Ward was born in Newport, Rhode Island. He was the son of Thomas Ward and Amey Billings of Newport, and grandson of John Ward who had come from Gloucester, England. His father was a merchant who held many positions in the town government, and his grandfather had been an officer in Cromwell's Army who came to the American colonies following the accession of King Charles II of England.
Ward was made a freeman of Newport in 1710, then entered public service as Attorney General, later became Deputy and Clerk of the Assembly, and then served as the General Recorder for the colony from 1714 to 1730. In 1723 he was paid six pounds for attending the trial of a group of pirates who were taken prisoner by Captain Solgar, commander of the British ship Greyhound. Of the 36 pirates taken into captivity, 26 were sentenced to hang, and the execution took place at Newport on July 19, 1723 at a place called Gravelly Point.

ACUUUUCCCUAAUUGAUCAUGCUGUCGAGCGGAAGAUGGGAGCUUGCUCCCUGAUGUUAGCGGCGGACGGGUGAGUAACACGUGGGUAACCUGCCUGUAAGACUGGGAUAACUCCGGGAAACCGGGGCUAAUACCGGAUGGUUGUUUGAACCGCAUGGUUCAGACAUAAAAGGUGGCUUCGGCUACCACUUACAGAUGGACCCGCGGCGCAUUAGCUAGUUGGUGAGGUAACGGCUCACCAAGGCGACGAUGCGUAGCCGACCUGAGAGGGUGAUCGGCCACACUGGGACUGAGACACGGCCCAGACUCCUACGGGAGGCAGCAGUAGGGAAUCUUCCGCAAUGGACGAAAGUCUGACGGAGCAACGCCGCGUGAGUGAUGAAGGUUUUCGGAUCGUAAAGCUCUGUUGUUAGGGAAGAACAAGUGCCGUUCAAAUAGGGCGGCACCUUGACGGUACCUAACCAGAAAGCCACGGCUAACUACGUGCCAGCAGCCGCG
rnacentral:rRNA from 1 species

In 1726, Ward was one of the four Rhode Island commissioners appointed to meet a group of Connecticut commissioners to settle the boundary line between the two colonies. Ward was the Secretary of State from 1730 to 1733, and in 1740 became the Deputy Governor of the colony. In this capacity he and Samuel Perry were appointed trustees to the Indian sachem Ninigret. In 1741 he was selected as Governor for a single term.
In 1709 Ward married Mary Tillinghast (1689 - 1767), the daughter of John and Elizabeth (Sayles) Tillinghast, and granddaughter of Pardon Tillinghast who had come from Seven Cliffs, Sussex, England. The couple had 14 children, the ninth of whom was Samuel Ward who would later become a governor of the colony and a delegate to the Continental Congress. Two other children, Thomas and Henry, both served lengthy terms as Secretary of the Colony. Richard Ward's older sister Mary married Sion Arnold, a grandson of Governor Benedict Arnold.